Now I’m no authority, so I’ll gladly defer to Lee’s knowledge on any of these finer details going forward.

      So, we probably all have a few “devils” over the course of our lives that pull us in the wrong direction if we listen to them. That said, Jesus had a much tougher job while He was here. “The Devil” that temped him was not just one, but ALL of them. All the devils, from all of the hells, from the beginning. Jesus wrestled with this not just in the wilderness, but His entire life! He resisted temptation from all of hell, all the while spreading the Word and won!

      Now certainly God could allow a powerful evil spirit such as “Satan” to exist, for a purpose, but to what end? The story of the possessed man named “Legion” in the New Testament showed that devils could act as one if they wanted. Trying to visualize that story is almost unsettling, along other accounts of demonic possession that were not unheard of at the time. What Jesus did while He was here is actually much more amazing and triumphant than what most Christian faiths broadcast in their interpretations. He saved us by putting hell or “the Devil” back in it’s place so that you and I could actually have free will to choose what to believe, or to be good or selfish, or to have friendly discussions about Biblical interpretation on internet blogs…and that my friend is a wonderful thing!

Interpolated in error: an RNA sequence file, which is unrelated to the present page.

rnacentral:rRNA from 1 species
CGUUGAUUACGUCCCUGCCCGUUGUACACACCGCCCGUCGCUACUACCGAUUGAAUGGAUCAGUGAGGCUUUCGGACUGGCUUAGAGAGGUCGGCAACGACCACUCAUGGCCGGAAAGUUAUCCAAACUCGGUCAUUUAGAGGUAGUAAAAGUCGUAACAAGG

9. Kayla Lynn says:

    Thanks Lee!
    I really appreciate this post! I knew many of these truths before reading this, but there were some I hadn’t thought about, such as the idea of “the Devil” being all of evil put together. This was very interesting and came at a great time for me. Thank you so much! God bless!
    (P.S. I thought I lost the link to this blog until this post showed up in my email, and the article you mentioned above in the post is actually the article I first read when I found your blog. =D)

    • Lee says:

      Hi Kayla Lynn,

      You’re welcome! I’m glad you enjoyed the article, and got a few new thoughts from it. And of course, I’m glad you found your way back here. It’s always good to know that an article hit the spot for the one whose question brought it on! 🙂

  10. Cat says:

    Lee, in your article you listed the five evils humans created:
    God says, “Thou shalt not kill.” But we kill anyway.
    God says, “Thou shalt not commit adultery.” But we cheat on our spouses anyway.
    God says, “Thou shalt not steal.” But we steal anyway.
    God says, “Thou shalt not bear false witness against thy neighbor.” But we lie about people and destroy their reputations anyway.
    God says, “Thou shalt not covet.” But we’re always getting jealous of other people, and wishing we had what they have.

    My question is, in the modern Christian world, all of these, except for one, have been made illegal. Why is “committing adultery” generally not made illegal in the Western world?

    I am a woman with two minor children, recently abandoned by a sex-addicted husband whom I’ve been with for 17 years. My ex developed the sex addiction in the last 5 years due primarily to the creation and convenience of the internet. I believe his addiction is fueled by the fact the society shys away on sex related sins both from social and legal perspectives. But the harm and damages this did to myself, and particularly our children, are real and immense. Why is sex sin so tolerated and how do we reconcile this reality with God’s teaching?

    • Lee says:

      Hi Cat,

      Thanks for stopping by, and for your comment and questions. I’m very sorry to hear about your ex-husband and his sex addiction.